(Recording of Miss Doreen playing on Royal Street. Recording by: Abimisola Anibaba)
One of the promises I made to myself when I first moved to New Orleans was to be more open to exploration. Part of this exploration was learning about other cultures, specifically Black American culture. Growing up on Nigerian soil thousands of miles away in West Africa, the only knowledge I had about Black American culture were the nuggets I got from episodes of the Fresh Prince of Bel-Air. But surely not every Black person in America lived in Bel Air; although I did find some on Royal Street.
I had spent that morning at a dance class downtown and after realizing how close I was to the Quarters, I figured I would continue my exercise and check out the scenery in the daytime for a change. As I got closer to the middle of the Quarters, the crowds and noises grew around me until I was immersed in a myriad of sounds. But one stood out in particular. It sounded like a clarinet.
Right in front of the Rouses on Royal Street was the source of my mystery clarinet. On the side of the road was a makeshift stage where a three-person band played. In the back was a young teenage girl on the drums. She was playing a solo with a rhythm so complex, it had to be second nature for her to get it right. On the far right was an older man with a tuba probably twice my height. He played the repetitive but steady beat the drums followed, much like that of a marching band. And in the center, sat our clarinet player.
The sounds were warm and sweet, almost playful. The jovial tone the clarinet produced paired perfectly with the steady tuba. I did not know the song they were playing, but I felt a sense of familiarity that had my feet tapping along, almost ahead of, the beat. Just when my feet thought they knew what was coming next, our clarinetist began to play her solo.
It started much like other solos, with a crescendo building up till its peak. And when she got there, she held that note for so long, I went from just absorbing the music to feeling both scared and impressed by her lung capacity. Finally, she ends her 24-count hold and I have to stop myself from grinning too hard. If I was not having a good day before then, I definitely was now.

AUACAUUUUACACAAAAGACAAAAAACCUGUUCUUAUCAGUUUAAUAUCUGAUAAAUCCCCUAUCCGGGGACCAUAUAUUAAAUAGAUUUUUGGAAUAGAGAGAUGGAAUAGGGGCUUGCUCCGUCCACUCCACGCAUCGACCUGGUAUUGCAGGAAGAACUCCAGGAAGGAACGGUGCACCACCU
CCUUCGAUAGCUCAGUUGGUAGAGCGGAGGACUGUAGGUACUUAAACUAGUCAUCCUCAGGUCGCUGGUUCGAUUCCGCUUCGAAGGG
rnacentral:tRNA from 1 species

And just like that, the show was over just as quickly as it had started. Still, in awe of the performance, I walked over to the tip jar to drop the last couple of bills I had and shortly after that, the clarinet player and I got to talking.
Miss Doreen, a Loyola University-graduate, had not always wanted to play the clarinet. She had originally wanted to play the flute in her elementary school band in hopes of not having to take a history class. “I wanted to play the flute, but seven girls in front of me chose the flute,” so she settled for the clarinet (1). Except she was remarkably good, as her earlier performance had proven. She had played with a certain level of jovial carefreeness that proved she was quite literally born to do this.
Following band tryouts, she ended up playing all through middle and high school and when she got to college, she joined her tuba-playing college boyfriend-turned-life partner’s jazz band. The two of them had a passionate connection both on and off stage that mirrored the harmonies they made playing together. Her being the fun clarinetist, and him the stable tuba player that held the band together.
It was the harmony they created together that got her playing on the streets of the French Quarters. “We were walking around the Quarters and saw some people playing on the street. He said, you know we could do that. I said you must be crazy! I’m in college, I’m not playing no music on the street. But love makes you do crazy things” (1). And that wasn’t the only love that brought her there. It was her love for her culture too. Her love for New Orleans.
New Orleans is almost synonymous with jazz. While its exact origin story is difficult to identify, it is clear that jazz was born out of African American culture. When Africans were brought to America as slaves, they brought parts of their culture with them and in New Orleans as Alan Lomax, American ethnomusicologist noted, the connection was clearer (6). To him, other experts and, the rest of the jazz world, it was clear that jazz was born out of the desire of Black enslaved persons to maintain, and eventually return to the African cultures and traditions that kept